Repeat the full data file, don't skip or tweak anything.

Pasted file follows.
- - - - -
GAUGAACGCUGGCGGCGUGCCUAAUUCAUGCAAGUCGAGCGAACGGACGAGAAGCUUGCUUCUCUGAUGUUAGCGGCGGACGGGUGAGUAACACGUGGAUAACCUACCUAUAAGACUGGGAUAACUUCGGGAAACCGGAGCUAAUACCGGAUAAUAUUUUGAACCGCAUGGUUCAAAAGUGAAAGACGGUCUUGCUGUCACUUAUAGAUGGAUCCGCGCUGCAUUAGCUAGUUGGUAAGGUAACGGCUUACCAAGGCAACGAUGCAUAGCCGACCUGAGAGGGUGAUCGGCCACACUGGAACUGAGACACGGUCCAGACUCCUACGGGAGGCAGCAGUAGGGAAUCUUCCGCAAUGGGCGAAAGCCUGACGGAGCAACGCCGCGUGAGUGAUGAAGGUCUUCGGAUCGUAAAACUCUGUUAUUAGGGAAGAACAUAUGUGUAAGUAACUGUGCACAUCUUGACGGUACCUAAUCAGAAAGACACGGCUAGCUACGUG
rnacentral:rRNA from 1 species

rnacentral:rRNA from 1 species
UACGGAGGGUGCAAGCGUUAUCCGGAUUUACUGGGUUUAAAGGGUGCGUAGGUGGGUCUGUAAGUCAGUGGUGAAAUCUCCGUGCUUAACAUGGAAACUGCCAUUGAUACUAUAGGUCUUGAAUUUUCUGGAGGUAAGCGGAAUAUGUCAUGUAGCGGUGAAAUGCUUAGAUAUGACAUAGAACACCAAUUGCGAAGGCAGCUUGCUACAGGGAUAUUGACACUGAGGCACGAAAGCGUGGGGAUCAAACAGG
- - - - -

GAUGAACGCUGGCGGCGUGCCUAAUUCAUGCAAGUCGAGCGAACGGACGAGAAGCUUGCUUCUCUGAUGUUAGCGGCGGACGGGUGAGUAACACGUGGAUAACCUACCUAUAAGACUGGGAUAACUUCGGGAAACCGGAGCUAAUACCGGAUAAUAUUUUGAACCGCAUGGUUCAAAAGUGAAAGACGGUCUUGCUGUCACUUAUAGAUGGAUCCGCGCUGCAUUAGCUAGUUGGUAAGGUAACGGCUUACCAAGGCAACGAUGCAUAGCCGACCUGAGAGGGUGAUCGGCCACACUGGAACUGAGACACGGUCCAGACUCCUACGGGAGGCAGCAGUAGGGAAUCUUCCGCAAUGGGCGAAAGCCUGACGGAGCAACGCCGCGUGAGUGAUGAAGGUCUUCGGAUCGUAAAACUCUGUUAUUAGGGAAGAACAUAUGUGUAAGUAACUGUGCACAUCUUGACGGUACCUAAUCAGAAAGACACGGCUAGCUACGUG
rnacentral:rRNA from 1 species

rnacentral:rRNA from 1 species
UACGGAGGGUGCAAGCGUUAUCCGGAUUUACUGGGUUUAAAGGGUGCGUAGGUGGGUCUGUAAGUCAGUGGUGAAAUCUCCGUGCUUAACAUGGAAACUGCCAUUGAUACUAUAGGUCUUGAAUUUUCUGGAGGUAAGCGGAAUAUGUCAUGUAGCGGUGAAAUGCUUAGAUAUGACAUAGAACACCAAUUGCGAAGGCAGCUUGCUACAGGGAUAUUGACACUGAGGCACGAAAGCGUGGGGAUCAAACAGG